I’m excited to announce my cookbook, SWEET POTATO SOUL. Purchase your copy today at Amazon, Barnes & Noble, Books-A-Million, Indie Bound, or iBooks. This vegan chicken and waffles recipe is not in the book, but it is a little taste of what you’ll find inside.
On February 6, 2018 my first published cookbook, Sweet Potato Soul, will be released. I’ve been working on this book since June 2016: perfecting recipes, researching the history of soul food, and writing about food, veganism, and life. And the most common question I’d get during the process was, “Is it hard to veganize soul food?” Short answer, yes…and no.
I wouldn’t say it was hard—the hard parts were meeting deadlines, reading through edits, and finding time to sit down to write. But it was a bit tricky. For my first published cookbook I needed to share original recipes that reflected my way of cooking, my experience growing up in the south, and my tastes as a southern vegan. At the same time, I wasn’t only relying on myself, because I’m not the first person to do this.
For decades black folks have been spinning gold out of whatever they had access to, not least in the kitchen. And for decades black folks have been making vegan soul food. My own dad worked at one of Atlanta’s very first vegan restaurants, Soul Veg, in the mid 80s. Before we had Whole Foods, and a national dialogue around limiting animal products, or a strong vegan movement, restaurants like this were serving collard greens, mac and “cheese”, cakes, pies, and ice cream without animal products.
Google “vegan soul food” and you will find an amazing array of blogs, recipes, restaurants, and cookbooks dedicated to offering vegan options for this quintessential cuisine. Of course, we must also acknowledge that most traditional foods throughout the world are plant-based. Relying on animal meat and secretions is, has always been, and will always be an egregiously inefficient way to nourish ourselves—an indulgence most people in most parts of the world can’t afford.
Look back just a couple of generations and you’ll find that soul food is highly plant-based. After all, my African and southern US ancestors did not have an industrialized food system to feed them. Rather, they relied on family gardens. Thus we have the essential plant-based soul foods like collard greens, candied yams, cornbread, red rice, and gumbo.
As you can imagine, it’s not too hard to create vegan versions of recipes that are already so plant-centric. Making them unique, fun, beautiful, and absolutely delicious is my job.
This recipe for vegan “chicken” and waffles is a fine example of how creating vegan soul food can be both easy and tricky. Easy because people have been making vegan chicken and waffles for a long time. I came at it knowing all the cool swaps: cauliflower for chicken…soy for chicken…gluten for chicken…mushrooms for chicken…
And tricky because I want this one to be uniquely delicious while still staying true to the original. (Just without the dead animal.) The result is crispy, juicy, double-breaded oyster mushrooms over fluffy waffles. Top that with a drizzle of real maple syrup and some southern hot sauce and you’ve got yourself a crazy good meal.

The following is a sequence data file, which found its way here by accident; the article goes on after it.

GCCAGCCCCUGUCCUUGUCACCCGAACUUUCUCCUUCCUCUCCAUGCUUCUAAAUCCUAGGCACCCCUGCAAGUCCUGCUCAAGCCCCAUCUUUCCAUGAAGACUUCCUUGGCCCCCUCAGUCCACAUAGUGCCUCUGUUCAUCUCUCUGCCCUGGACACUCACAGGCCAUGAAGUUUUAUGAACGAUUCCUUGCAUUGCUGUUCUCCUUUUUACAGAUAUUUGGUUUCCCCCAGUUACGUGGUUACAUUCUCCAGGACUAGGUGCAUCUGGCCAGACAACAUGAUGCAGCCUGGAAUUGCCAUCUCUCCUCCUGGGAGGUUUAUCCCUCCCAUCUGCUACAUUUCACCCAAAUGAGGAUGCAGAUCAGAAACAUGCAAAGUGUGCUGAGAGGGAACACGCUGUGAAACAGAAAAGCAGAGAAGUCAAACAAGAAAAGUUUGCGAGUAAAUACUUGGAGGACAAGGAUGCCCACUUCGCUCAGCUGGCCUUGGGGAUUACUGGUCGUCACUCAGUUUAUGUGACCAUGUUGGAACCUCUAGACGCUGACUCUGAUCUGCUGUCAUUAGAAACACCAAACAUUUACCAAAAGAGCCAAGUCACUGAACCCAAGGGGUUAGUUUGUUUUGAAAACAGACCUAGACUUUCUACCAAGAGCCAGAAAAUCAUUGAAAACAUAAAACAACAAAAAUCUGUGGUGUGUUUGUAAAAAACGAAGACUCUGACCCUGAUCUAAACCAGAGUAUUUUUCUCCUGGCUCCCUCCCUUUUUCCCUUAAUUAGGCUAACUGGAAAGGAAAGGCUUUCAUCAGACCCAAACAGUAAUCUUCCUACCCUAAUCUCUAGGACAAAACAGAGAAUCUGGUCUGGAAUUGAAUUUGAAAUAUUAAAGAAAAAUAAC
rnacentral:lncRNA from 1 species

You won’t find this vegan soul food recipe in my upcoming cookbook (I’ve got 100 more for you in there), but I made this recipe as part of a collab with fellow vegan blogger and YouTuber Kim of The Chic Natural, and Thrive Market (video below). Get all of the ingredients you need to make this vegan chicken and waffles on Thrive Market (except for the fresh oyster mushrooms—I usually buy those at farmers markets or local Asian grocery stores), and get $60 off of groceries if you use my code.
Spicy Fried Cauliflower “Chicken”
- 1 cup all purpose flour
- 1 tablespoon arrowroot powder or cornstarch
- ½ teaspoon salt
- ½ teaspoon cayenne pepper
- ½ teaspoon white pepper
- ½ teaspoon onion powder
- ½ teaspoon garlic powder
- ½ teaspoon sweet or smoked paprika
- ¼ teaspoon Old Bay seasoning
- 1 tablespoon nutritional yeast
- ⅓ cup hot sauce
- 1/4 cup unsweetened plain soy milk or other non-dairy milk
- 1 tablespoon Dijon mustard
- 5 cups safflower oil or other frying oil
- 1 large head of cauliflower cut into large florets
- In a medium-sized mixing bowl combine the flour, arrowroot powder, salt, cayenne pepper, white pepper, onion powder, garlic powder, paprika, Old Bay, and nutritional yeast.
- In another bowl combine the hot sauce, soy milk, and Dijon mustard and whisk until creamy.
- Heat the frying oil in a large dutch oven or fryer. It should be around 350°.
- Use one hand to carefully dip a cauliflower floret into the wet mixture, then drop it into the flour mixture. Use your other hand (it should be dry) to coat it completely. Dip it back into the hot sauce mixture, and again into the dry mixture, keeping one hand devoted to wet and one to dry.
- Carefully lower the twice coated cauliflower into the hot oil. Repeat with remaining cauliflower until you can’t fit any more into the pot. Cook for about 4-5 minutes, until the pieces are golden.
- Transfer fried cauliflower to a large plate covered with two sheets of paper towel to absorb excess oil.
- Continue to cook the remaining cauliflower.
- Serve hot.